From The Public Historian in 1999:
Originally designed to accompany an exhibit in the Vacaville Museum, Solano’s Gold: The People and Their Orchards chronicles the history of the orchard crop production in Solano County, a rich agricultural region located halfway between San Francisco and Sacramento, California. Aiming to document a way of life now threatened by suburban sprawl, Kristin Delaplane has skillfully woven together an engaging and informative narrative based upon the collected testimonies of over fifty local farm residents.
…Professionally trained historians will find much is valuable in Solano’s Gold. Covering virtually every aspect of basic farm practice, Delaplane’s informants provide a wealth of detailed information on the plating, nurturing, harvesting, and marketing of many different deciduous fruit and nut crops.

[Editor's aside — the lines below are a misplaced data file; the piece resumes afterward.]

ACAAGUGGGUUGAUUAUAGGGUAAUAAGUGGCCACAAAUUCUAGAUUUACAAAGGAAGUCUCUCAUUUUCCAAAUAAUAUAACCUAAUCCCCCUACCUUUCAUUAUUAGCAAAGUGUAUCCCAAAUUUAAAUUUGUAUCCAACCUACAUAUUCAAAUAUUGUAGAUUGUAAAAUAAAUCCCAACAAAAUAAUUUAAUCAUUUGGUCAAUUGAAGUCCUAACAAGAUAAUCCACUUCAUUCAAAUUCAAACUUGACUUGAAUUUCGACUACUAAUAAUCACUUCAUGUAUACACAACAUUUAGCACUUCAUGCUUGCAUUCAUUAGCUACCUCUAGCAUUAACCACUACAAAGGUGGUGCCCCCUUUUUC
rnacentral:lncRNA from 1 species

…Perhaps the best of Delaplane’s twenty chapters are the two dealing with pests and pesticides. Here the strengths of good oral history are well-demonstrated as Delaplane coaxes some remarkably candid and revealing statements from growers regarding their freewheeling but poorly informed use of toxic chemicals between 1920 and 1970.
…Because it is loaded with many excellent first-hand accounts, especially of the port-World War II era where stronger memories make for better oral history, Solano’s Gold certainly merits serious attention.